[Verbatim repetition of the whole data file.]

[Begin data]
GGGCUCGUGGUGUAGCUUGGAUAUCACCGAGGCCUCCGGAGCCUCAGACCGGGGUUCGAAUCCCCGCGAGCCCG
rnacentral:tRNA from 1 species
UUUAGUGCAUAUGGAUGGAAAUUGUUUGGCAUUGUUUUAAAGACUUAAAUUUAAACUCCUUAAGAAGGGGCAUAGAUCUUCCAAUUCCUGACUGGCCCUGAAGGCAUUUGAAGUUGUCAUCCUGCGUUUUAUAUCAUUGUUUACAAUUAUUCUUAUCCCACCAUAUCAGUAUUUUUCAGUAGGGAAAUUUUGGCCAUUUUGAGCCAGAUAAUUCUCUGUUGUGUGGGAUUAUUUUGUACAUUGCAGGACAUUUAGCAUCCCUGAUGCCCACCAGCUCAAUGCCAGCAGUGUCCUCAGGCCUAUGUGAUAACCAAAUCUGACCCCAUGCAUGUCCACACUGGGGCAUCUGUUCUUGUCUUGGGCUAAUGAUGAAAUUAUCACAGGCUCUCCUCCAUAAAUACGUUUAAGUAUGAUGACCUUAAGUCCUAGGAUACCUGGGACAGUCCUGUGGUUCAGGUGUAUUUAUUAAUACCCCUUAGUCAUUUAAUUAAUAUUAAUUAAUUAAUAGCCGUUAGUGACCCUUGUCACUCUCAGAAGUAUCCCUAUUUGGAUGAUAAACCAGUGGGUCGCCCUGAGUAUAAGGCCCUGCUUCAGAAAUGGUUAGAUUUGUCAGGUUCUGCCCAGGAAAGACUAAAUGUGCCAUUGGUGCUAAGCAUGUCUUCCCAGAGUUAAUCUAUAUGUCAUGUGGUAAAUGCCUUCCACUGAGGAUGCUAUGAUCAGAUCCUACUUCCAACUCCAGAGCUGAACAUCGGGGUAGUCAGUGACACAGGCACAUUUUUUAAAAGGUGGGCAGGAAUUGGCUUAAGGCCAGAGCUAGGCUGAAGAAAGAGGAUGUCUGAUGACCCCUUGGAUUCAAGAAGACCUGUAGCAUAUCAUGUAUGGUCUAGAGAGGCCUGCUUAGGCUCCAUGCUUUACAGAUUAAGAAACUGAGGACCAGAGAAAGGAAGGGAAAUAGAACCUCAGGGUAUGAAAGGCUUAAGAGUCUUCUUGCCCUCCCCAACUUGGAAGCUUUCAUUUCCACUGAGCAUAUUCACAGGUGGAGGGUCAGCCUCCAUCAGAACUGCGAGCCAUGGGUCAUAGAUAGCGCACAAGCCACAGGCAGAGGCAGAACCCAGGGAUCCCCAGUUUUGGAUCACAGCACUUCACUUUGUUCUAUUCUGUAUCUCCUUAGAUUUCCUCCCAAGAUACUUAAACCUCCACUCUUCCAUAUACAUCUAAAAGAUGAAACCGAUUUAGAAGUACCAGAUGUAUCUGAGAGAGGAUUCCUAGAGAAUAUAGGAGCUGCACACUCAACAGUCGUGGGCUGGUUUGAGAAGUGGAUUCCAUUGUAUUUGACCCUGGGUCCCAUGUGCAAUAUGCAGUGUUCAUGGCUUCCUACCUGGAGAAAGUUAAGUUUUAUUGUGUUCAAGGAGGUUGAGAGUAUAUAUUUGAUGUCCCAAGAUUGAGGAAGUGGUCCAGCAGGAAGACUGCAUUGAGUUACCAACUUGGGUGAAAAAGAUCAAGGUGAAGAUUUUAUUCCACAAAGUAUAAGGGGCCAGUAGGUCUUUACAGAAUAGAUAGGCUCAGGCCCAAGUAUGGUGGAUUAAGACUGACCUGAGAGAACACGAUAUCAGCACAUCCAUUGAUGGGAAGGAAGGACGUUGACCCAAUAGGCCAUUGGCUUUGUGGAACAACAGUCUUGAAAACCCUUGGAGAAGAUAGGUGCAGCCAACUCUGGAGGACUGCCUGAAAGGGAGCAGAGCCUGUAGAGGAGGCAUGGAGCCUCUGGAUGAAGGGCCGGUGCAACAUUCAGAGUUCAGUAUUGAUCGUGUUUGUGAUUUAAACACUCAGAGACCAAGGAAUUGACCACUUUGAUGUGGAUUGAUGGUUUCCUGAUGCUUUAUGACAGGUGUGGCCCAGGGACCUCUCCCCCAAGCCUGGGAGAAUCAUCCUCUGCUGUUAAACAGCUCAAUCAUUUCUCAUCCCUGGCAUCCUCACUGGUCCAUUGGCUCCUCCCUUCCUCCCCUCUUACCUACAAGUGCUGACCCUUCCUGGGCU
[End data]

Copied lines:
GGGCUCGUGGUGUAGCUUGGAUAUCACCGAGGCCUCCGGAGCCUCAGACCGGGGUUCGAAUCCCCGCGAGCCCG
rnacentral:tRNA from 1 species
UUUAGUGCAUAUGGAUGGAAAUUGUUUGGCAUUGUUUUAAAGACUUAAAUUUAAACUCCUUAAGAAGGGGCAUAGAUCUUCCAAUUCCUGACUGGCCCUGAAGGCAUUUGAAGUUGUCAUCCUGCGUUUUAUAUCAUUGUUUACAAUUAUUCUUAUCCCACCAUAUCAGUAUUUUUCAGUAGGGAAAUUUUGGCCAUUUUGAGCCAGAUAAUUCUCUGUUGUGUGGGAUUAUUUUGUACAUUGCAGGACAUUUAGCAUCCCUGAUGCCCACCAGCUCAAUGCCAGCAGUGUCCUCAGGCCUAUGUGAUAACCAAAUCUGACCCCAUGCAUGUCCACACUGGGGCAUCUGUUCUUGUCUUGGGCUAAUGAUGAAAUUAUCACAGGCUCUCCUCCAUAAAUACGUUUAAGUAUGAUGACCUUAAGUCCUAGGAUACCUGGGACAGUCCUGUGGUUCAGGUGUAUUUAUUAAUACCCCUUAGUCAUUUAAUUAAUAUUAAUUAAUUAAUAGCCGUUAGUGACCCUUGUCACUCUCAGAAGUAUCCCUAUUUGGAUGAUAAACCAGUGGGUCGCCCUGAGUAUAAGGCCCUGCUUCAGAAAUGGUUAGAUUUGUCAGGUUCUGCCCAGGAAAGACUAAAUGUGCCAUUGGUGCUAAGCAUGUCUUCCCAGAGUUAAUCUAUAUGUCAUGUGGUAAAUGCCUUCCACUGAGGAUGCUAUGAUCAGAUCCUACUUCCAACUCCAGAGCUGAACAUCGGGGUAGUCAGUGACACAGGCACAUUUUUUAAAAGGUGGGCAGGAAUUGGCUUAAGGCCAGAGCUAGGCUGAAGAAAGAGGAUGUCUGAUGACCCCUUGGAUUCAAGAAGACCUGUAGCAUAUCAUGUAUGGUCUAGAGAGGCCUGCUUAGGCUCCAUGCUUUACAGAUUAAGAAACUGAGGACCAGAGAAAGGAAGGGAAAUAGAACCUCAGGGUAUGAAAGGCUUAAGAGUCUUCUUGCCCUCCCCAACUUGGAAGCUUUCAUUUCCACUGAGCAUAUUCACAGGUGGAGGGUCAGCCUCCAUCAGAACUGCGAGCCAUGGGUCAUAGAUAGCGCACAAGCCACAGGCAGAGGCAGAACCCAGGGAUCCCCAGUUUUGGAUCACAGCACUUCACUUUGUUCUAUUCUGUAUCUCCUUAGAUUUCCUCCCAAGAUACUUAAACCUCCACUCUUCCAUAUACAUCUAAAAGAUGAAACCGAUUUAGAAGUACCAGAUGUAUCUGAGAGAGGAUUCCUAGAGAAUAUAGGAGCUGCACACUCAACAGUCGUGGGCUGGUUUGAGAAGUGGAUUCCAUUGUAUUUGACCCUGGGUCCCAUGUGCAAUAUGCAGUGUUCAUGGCUUCCUACCUGGAGAAAGUUAAGUUUUAUUGUGUUCAAGGAGGUUGAGAGUAUAUAUUUGAUGUCCCAAGAUUGAGGAAGUGGUCCAGCAGGAAGACUGCAUUGAGUUACCAACUUGGGUGAAAAAGAUCAAGGUGAAGAUUUUAUUCCACAAAGUAUAAGGGGCCAGUAGGUCUUUACAGAAUAGAUAGGCUCAGGCCCAAGUAUGGUGGAUUAAGACUGACCUGAGAGAACACGAUAUCAGCACAUCCAUUGAUGGGAAGGAAGGACGUUGACCCAAUAGGCCAUUGGCUUUGUGGAACAACAGUCUUGAAAACCCUUGGAGAAGAUAGGUGCAGCCAACUCUGGAGGACUGCCUGAAAGGGAGCAGAGCCUGUAGAGGAGGCAUGGAGCCUCUGGAUGAAGGGCCGGUGCAACAUUCAGAGUUCAGUAUUGAUCGUGUUUGUGAUUUAAACACUCAGAGACCAAGGAAUUGACCACUUUGAUGUGGAUUGAUGGUUUCCUGAUGCUUUAUGACAGGUGUGGCCCAGGGACCUCUCCCCCAAGCCUGGGAGAAUCAUCCUCUGCUGUUAAACAGCUCAAUCAUUUCUCAUCCCUGGCAUCCUCACUGGUCCAUUGGCUCCUCCCUUCCUCCCCUCUUACCUACAAGUGCUGACCCUUCCUGGGCU